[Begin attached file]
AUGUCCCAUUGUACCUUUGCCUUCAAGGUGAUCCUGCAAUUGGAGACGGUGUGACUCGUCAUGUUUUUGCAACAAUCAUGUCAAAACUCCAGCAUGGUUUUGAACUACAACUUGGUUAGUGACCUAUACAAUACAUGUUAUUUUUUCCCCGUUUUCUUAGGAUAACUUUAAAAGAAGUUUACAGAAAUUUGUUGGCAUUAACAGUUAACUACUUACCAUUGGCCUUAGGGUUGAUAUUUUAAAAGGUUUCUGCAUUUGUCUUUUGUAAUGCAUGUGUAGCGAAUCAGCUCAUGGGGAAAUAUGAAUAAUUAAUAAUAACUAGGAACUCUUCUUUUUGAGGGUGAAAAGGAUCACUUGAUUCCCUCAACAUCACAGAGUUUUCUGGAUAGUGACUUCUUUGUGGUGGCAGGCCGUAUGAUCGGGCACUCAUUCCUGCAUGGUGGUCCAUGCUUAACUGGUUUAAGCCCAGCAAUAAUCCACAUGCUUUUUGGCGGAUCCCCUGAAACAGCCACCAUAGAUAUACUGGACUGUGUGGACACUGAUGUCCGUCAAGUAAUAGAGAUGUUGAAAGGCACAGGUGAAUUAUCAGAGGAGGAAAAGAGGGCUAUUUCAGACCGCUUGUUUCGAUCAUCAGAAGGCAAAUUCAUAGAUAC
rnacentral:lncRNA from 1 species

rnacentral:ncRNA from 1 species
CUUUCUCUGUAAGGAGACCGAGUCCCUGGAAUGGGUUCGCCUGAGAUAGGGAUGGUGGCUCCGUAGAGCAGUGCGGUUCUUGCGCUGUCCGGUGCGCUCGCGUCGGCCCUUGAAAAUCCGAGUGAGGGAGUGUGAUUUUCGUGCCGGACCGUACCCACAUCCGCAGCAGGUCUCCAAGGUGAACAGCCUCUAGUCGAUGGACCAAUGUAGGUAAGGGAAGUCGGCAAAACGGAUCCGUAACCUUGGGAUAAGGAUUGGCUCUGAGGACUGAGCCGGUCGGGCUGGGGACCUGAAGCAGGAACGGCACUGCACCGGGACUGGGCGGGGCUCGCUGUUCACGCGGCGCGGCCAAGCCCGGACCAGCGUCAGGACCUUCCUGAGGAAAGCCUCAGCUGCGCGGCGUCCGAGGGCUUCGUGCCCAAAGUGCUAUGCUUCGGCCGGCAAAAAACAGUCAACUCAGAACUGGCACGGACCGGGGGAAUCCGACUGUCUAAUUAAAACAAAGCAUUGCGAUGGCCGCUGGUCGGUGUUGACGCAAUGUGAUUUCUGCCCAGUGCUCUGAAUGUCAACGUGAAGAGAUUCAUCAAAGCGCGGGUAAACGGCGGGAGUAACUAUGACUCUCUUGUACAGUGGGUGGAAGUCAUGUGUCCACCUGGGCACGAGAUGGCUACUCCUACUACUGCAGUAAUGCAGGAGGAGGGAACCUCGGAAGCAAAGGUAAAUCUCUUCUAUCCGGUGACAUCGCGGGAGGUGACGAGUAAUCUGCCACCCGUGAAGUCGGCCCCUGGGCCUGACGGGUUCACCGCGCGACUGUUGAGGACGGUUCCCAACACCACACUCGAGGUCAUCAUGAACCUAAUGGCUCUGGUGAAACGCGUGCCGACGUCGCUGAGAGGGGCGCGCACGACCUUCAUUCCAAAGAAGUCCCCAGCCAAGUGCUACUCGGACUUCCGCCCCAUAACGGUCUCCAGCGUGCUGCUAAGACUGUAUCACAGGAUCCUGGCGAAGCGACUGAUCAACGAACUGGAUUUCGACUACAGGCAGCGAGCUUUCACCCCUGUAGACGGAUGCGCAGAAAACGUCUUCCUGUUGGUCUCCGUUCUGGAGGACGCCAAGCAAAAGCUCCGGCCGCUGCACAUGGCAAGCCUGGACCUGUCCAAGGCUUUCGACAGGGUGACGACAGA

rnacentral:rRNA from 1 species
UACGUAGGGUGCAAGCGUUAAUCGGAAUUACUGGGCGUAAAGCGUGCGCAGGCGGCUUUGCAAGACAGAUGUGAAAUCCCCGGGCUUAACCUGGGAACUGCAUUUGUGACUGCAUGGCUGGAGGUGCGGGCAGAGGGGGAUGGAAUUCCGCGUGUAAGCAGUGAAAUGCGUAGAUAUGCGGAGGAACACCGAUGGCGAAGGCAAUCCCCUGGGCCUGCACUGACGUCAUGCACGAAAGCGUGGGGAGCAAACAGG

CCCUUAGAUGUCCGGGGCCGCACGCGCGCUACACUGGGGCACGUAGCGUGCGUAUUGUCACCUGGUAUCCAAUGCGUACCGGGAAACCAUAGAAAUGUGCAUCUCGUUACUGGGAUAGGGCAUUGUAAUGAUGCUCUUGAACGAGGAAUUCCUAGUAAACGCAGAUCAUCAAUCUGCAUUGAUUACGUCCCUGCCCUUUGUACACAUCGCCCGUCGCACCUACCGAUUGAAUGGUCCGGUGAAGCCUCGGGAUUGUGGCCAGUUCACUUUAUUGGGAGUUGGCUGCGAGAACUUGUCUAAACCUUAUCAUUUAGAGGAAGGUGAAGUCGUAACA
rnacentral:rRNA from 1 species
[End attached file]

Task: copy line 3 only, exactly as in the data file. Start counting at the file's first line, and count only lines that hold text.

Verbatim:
rnacentral:ncRNA from 1 species